A Field Philosopher's Guide to Fracking

A Field Philosopher's Guide to Fracking

How One Texas Town Stood up to Big Oil and Gas

Book - 2015
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WW Norton
From the front lines of the frackingdebate, a “field philosopher” exploresone of our most divisive technologies.
When philosophy professor Adam Briggle moved to Denton, Texas, he had never heard of fracking. Only five years later he would successfully lead a citizens' initiative to ban hydraulic fracturing in Denton—the first Texas town to challenge the oil and gas industry. On his journey to learn about fracking and its effects, he leaped from the ivory tower into the fray.In beautifully narrated chapters, Briggle brings us to town hall debates and neighborhood meetings where citizens wrestle with issues few fully understand. Is fracking safe? How does it affect the local economy? Why are bakeries prohibited in neighborhoods while gas wells are permitted next to playgrounds? In his quest for answers Briggle meets people like Cathy McMullen. Her neighbors’ cows asphyxiated after drinking fracking fluids, and her orchard was razed to make way for a pipeline. Cathy did not consent to drilling, but those who profited lived far out of harm’s way.Briggle's first instinct was to think about fracking—deeply. Drawing on philosophers from Socrates to Kant, but also on conversations with engineers, legislators, and industry representatives, he develops a simple theory to evaluate fracking: we should give those at risk to harm a stake in the decisions we make, and we should monitor for and correct any problems that arise. Finding this regulatory process short-circuited, with government and industry alike turning a blind eye to symptoms like earthquakes and nosebleeds, Briggle decides to take action.Though our field philosopher is initially out of his element—joining fierce activists like "Texas Sharon," once called the "worst enemy" of the oil and gas industry—his story culminates in an underdog victory for Denton, now nationally recognized as a beacon for citizens' rights at the epicenter of the fracking revolution.

Baker & Taylor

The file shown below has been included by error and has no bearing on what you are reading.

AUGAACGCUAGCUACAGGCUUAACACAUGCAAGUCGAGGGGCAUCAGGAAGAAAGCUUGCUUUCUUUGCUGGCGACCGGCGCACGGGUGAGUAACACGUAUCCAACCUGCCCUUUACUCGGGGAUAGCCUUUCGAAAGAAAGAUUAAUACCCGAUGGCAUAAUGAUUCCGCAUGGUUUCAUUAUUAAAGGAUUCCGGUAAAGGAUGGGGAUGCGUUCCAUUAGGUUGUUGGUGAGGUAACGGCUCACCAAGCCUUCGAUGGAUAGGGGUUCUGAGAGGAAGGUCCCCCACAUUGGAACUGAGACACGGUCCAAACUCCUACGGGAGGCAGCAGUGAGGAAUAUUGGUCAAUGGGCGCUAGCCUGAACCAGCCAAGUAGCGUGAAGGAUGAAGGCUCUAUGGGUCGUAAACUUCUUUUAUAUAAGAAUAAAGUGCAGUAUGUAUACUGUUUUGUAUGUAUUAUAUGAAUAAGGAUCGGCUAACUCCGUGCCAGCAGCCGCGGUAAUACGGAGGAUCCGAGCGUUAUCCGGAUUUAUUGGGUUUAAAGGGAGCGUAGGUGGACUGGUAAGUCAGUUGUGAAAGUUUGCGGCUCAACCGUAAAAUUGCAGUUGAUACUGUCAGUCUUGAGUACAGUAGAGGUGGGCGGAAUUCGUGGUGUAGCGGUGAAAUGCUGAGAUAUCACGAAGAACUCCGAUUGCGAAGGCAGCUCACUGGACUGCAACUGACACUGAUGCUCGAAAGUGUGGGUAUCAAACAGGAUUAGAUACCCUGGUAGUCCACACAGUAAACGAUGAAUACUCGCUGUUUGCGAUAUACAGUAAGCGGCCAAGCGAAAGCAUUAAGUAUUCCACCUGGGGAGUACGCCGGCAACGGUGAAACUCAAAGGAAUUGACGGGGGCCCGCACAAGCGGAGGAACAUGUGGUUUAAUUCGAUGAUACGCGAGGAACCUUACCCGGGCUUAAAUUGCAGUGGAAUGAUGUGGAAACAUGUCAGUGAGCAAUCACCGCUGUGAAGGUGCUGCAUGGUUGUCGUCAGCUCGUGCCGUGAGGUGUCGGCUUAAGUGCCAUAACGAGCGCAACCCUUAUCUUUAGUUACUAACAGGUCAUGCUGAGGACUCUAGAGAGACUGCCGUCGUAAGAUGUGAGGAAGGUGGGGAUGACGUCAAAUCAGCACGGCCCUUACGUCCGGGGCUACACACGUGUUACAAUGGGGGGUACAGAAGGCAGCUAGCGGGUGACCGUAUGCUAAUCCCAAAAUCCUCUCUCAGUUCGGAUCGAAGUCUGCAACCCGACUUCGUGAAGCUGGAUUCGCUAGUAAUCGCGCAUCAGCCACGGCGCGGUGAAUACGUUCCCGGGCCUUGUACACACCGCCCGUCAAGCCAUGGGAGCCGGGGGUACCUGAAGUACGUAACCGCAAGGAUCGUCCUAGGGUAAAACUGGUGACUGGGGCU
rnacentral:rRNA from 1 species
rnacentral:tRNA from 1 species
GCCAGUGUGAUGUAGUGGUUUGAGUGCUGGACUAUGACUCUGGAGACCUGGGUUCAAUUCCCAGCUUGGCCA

The leader of a citizens' initiative to ban hydraulic fracturing in Denton, Texas, discusses the environmental and health dangers involved with the controversial process and details how the grassroots activism plan drove the industry out of the town.

Book News
In this narrative for general readers, author Adam Briggle describes the Denton Stakeholder Drilling Advisory Group’s (DAG) fight against the powerful oil and gas industry of Texas in Denton, the first Texas town to ban hydraulic fracturing (fracking). He profiles town residents who whose lands and livestock were poisoned by fracking and whose children played in school yards next to gas wells; he also talks with engineers, lawmakers, and industry insiders to reveal the politics of fracking. The author develops a framework for informed consent and balancing risks and benefits; he makes suggestions for giving decision-making power to citizens most at risk of harm from fracking, and advises tighter regulations and monitoring. Black and white photos and maps are included. The author’s journalism on Denton’s grassroots anti-fracking movement has been published in the New York Times, Newsweek, the Washington Post, and National Public Radio. Annotation ©2015 Ringgold, Inc., Portland, OR (protoview.com)

& Taylor

A “field philosopher,” who led a citizens' initiative to ban hydraulic fracturing in Denton, Texas, takes readers into town hall debates and neighborhood meetings where he attempts to understand and address the issues surrounding fracking, one of the most divisive technologies.

Publisher: New York, N.Y. : Liveright Publishing Corporation, a division of W.W. Norton & Company, [2015]
Edition: First edition
ISBN: 9781631490071
Branch Call Number: 363.11 BRI
Characteristics: pages cm


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